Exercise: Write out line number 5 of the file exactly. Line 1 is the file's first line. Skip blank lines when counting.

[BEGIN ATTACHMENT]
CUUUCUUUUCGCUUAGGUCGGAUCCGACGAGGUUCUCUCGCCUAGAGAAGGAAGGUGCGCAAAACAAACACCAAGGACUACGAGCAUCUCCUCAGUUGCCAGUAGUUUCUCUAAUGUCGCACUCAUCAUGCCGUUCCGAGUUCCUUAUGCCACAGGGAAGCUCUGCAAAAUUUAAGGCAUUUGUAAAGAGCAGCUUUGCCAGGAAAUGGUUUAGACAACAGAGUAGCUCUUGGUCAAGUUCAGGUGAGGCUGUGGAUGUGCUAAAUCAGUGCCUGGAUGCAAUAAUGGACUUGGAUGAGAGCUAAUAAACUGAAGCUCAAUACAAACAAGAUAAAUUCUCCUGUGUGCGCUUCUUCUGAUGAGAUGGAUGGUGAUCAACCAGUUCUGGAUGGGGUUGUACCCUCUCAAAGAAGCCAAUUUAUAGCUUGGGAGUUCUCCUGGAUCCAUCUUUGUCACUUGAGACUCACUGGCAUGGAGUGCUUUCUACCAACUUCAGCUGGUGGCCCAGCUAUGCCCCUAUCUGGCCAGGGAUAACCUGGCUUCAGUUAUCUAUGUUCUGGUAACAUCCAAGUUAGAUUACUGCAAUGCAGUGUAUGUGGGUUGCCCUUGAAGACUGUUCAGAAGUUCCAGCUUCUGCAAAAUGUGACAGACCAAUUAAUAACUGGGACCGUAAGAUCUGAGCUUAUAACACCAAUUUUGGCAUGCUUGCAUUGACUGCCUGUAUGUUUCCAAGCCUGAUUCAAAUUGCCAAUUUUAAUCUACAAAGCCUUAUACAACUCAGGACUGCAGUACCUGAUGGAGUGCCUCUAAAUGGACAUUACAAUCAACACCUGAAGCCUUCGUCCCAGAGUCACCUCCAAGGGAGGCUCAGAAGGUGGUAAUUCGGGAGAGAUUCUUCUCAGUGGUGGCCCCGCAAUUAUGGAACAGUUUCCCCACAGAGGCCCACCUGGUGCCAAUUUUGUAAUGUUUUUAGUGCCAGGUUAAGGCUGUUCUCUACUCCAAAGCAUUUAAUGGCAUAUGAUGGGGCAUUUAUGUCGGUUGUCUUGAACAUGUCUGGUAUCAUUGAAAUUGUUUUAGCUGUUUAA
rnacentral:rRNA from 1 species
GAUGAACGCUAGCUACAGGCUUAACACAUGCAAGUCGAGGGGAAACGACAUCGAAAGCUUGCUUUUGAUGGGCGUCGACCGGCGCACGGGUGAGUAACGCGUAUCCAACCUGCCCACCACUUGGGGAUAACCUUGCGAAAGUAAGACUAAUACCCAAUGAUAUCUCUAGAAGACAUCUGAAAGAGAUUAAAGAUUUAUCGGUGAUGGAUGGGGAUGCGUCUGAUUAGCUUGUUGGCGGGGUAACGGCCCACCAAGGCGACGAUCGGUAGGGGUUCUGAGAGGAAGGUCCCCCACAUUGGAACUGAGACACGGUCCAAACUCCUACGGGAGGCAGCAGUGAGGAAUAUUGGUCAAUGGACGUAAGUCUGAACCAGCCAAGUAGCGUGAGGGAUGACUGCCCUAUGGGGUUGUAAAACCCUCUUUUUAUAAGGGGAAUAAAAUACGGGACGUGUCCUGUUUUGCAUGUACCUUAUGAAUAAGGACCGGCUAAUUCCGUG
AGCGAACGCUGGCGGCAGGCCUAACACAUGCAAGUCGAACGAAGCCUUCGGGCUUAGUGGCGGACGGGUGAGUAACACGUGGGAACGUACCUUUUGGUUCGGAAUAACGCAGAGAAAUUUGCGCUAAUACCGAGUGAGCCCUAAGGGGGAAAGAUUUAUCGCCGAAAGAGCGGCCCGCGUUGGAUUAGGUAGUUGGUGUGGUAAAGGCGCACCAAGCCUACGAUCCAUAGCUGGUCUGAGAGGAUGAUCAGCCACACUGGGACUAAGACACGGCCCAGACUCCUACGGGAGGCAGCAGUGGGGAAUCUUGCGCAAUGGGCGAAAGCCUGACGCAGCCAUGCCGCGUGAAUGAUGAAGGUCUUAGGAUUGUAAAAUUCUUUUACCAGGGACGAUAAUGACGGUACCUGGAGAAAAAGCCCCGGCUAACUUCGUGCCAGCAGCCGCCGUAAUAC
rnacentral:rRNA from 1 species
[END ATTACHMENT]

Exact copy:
rnacentral:rRNA from 1 species